Andie and Sammi (and poor Shasta, who is limited by her leash) tend to stick closer by me during our hikes, although they, too, take advantage of the freedom to run, roam and sniff.  But Shasta and I are rarely left alone.  Even when Cookie and Franki are out wandering and exploring, Sammi and Andie are never far away and usually within sight, or are sitting or standing nearby, enjoying the quiet, eating shoots of green sprouting from the rotting leaves, listening for Cookie and Franki, or just sniffing the air.

Even in late winter, Andie enjoys the 
cold water as she waits for 
Cookie and Franki's return.
The dogs and I are very fortunate to have access to woods and trails where it's safe for them to roam and wander, and where we can all enjoy the fresh air while we exercise. But even if you don't have walking or hiking trails as close as we do, more and more dog parks and dog-friendly trails are opening up or are already available across the country.

Even if you have to travel a bit to get there, the benefits of exercising with your dogs are many:  stress-reduction, weight loss, disease prevention, and just plain ol' fun and enjoyment are all good reasons to bond with your dog while you walk, run, hike, swim, or play fetch.  There are many resources available to help you find dog-friendly trails and parks.  Use your favorite search engine or contact your local chamber of commerce for ideas.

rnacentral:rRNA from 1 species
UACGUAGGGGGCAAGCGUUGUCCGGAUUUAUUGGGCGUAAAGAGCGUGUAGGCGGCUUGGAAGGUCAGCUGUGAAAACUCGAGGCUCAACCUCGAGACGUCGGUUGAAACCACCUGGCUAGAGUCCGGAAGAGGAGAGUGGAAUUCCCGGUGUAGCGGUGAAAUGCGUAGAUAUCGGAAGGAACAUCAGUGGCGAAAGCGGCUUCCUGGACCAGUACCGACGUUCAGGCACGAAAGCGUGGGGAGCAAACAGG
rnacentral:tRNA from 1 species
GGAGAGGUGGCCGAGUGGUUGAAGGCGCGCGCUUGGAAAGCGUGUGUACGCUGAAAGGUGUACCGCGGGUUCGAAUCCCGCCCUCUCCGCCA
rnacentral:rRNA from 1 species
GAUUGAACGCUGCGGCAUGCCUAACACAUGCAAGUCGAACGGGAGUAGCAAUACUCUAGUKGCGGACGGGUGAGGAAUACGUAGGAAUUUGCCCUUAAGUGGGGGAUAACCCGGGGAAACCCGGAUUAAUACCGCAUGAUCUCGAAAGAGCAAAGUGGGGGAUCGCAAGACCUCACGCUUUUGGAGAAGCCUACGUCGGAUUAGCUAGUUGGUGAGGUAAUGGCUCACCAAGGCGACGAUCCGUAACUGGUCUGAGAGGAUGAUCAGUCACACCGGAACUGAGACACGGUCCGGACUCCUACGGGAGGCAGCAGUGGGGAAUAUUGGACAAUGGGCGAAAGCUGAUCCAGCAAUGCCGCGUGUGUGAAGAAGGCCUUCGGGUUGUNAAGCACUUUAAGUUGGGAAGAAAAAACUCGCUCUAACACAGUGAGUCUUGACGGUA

Happy Sammi
(and Shasta, up in the right corner)

Ever wonder where you'd end up if you took your dog for a walk and never once pulled back on the leash? 
~Robert Brault

Monday, June 23, 2014

Black Dogs with Blue Eyes are Amazing

Franki ... a black dog with amazing blue eyes.
I get so many comments about my beautiful Franki.  Black dogs with blue eyes are amazing to look at, and she is also such a beautiful spirit. She loves people and has a very sweet personality.  She's also a bit of a goof and likes to clown around.

There are several breeds of dogs that often have blue eyes:  Alaskan and Siberian Huskies, Australian Shepherds, Alaskan Malamutes, Border Collies, Catahoula Leopard Dogs, and Dalmatians are the most likely to have blue eyes. Since I started this blog and also from the videos I've posted of Franki on YouTube, I've heard from several people who have black lab mixes with blue eyes.  So Franki isn't absolutely unique, but she is rare.  Most blue-eyed dogs are white or are multi-colored or merle.
On the Move!

I never tire of taking photos of Franki, although with the stark contrast between her black fur and light blue eyes, sometimes it's difficult to capture good shots of her. Plus, if she's outside, she's usually on the move.

Soon after adopting Franki, I noticed she had a limp.  It's only noticeable when she's walking, and if you saw her running around the front yard or out in the woods, you'd never know she has a bum leg. X-rays revealed that she has rather significant arthritis in her back right knee. Our vet believes it's most likely due to getting hit by a car when she was a puppy and not getting proper veterinary care for the injury. Franki was rescued when she was barely a year old and was often seen limping around a rural community, alone and hungry.